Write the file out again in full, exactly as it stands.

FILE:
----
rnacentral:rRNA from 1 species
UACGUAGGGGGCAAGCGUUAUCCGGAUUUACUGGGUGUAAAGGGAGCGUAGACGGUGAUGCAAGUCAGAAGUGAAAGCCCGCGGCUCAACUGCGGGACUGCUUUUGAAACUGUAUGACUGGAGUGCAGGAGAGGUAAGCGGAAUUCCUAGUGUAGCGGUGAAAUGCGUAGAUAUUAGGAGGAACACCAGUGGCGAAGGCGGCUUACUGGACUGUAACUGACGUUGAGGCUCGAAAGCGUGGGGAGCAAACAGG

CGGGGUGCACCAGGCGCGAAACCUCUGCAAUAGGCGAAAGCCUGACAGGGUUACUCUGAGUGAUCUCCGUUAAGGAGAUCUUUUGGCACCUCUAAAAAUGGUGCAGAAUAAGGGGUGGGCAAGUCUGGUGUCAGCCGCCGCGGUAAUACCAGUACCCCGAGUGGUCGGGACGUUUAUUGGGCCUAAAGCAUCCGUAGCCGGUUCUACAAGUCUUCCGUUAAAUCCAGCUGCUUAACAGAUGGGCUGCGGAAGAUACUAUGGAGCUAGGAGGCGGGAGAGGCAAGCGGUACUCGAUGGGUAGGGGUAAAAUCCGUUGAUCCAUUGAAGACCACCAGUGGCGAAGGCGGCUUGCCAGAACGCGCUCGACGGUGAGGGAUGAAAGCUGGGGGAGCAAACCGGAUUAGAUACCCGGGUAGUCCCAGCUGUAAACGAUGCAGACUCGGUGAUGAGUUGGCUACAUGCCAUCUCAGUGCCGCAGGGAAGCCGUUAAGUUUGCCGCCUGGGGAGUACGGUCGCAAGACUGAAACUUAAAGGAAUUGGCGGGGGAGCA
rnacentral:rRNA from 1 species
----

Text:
rnacentral:rRNA from 1 species
UACGUAGGGGGCAAGCGUUAUCCGGAUUUACUGGGUGUAAAGGGAGCGUAGACGGUGAUGCAAGUCAGAAGUGAAAGCCCGCGGCUCAACUGCGGGACUGCUUUUGAAACUGUAUGACUGGAGUGCAGGAGAGGUAAGCGGAAUUCCUAGUGUAGCGGUGAAAUGCGUAGAUAUUAGGAGGAACACCAGUGGCGAAGGCGGCUUACUGGACUGUAACUGACGUUGAGGCUCGAAAGCGUGGGGAGCAAACAGG

CGGGGUGCACCAGGCGCGAAACCUCUGCAAUAGGCGAAAGCCUGACAGGGUUACUCUGAGUGAUCUCCGUUAAGGAGAUCUUUUGGCACCUCUAAAAAUGGUGCAGAAUAAGGGGUGGGCAAGUCUGGUGUCAGCCGCCGCGGUAAUACCAGUACCCCGAGUGGUCGGGACGUUUAUUGGGCCUAAAGCAUCCGUAGCCGGUUCUACAAGUCUUCCGUUAAAUCCAGCUGCUUAACAGAUGGGCUGCGGAAGAUACUAUGGAGCUAGGAGGCGGGAGAGGCAAGCGGUACUCGAUGGGUAGGGGUAAAAUCCGUUGAUCCAUUGAAGACCACCAGUGGCGAAGGCGGCUUGCCAGAACGCGCUCGACGGUGAGGGAUGAAAGCUGGGGGAGCAAACCGGAUUAGAUACCCGGGUAGUCCCAGCUGUAAACGAUGCAGACUCGGUGAUGAGUUGGCUACAUGCCAUCUCAGUGCCGCAGGGAAGCCGUUAAGUUUGCCGCCUGGGGAGUACGGUCGCAAGACUGAAACUUAAAGGAAUUGGCGGGGGAGCA
rnacentral:rRNA from 1 species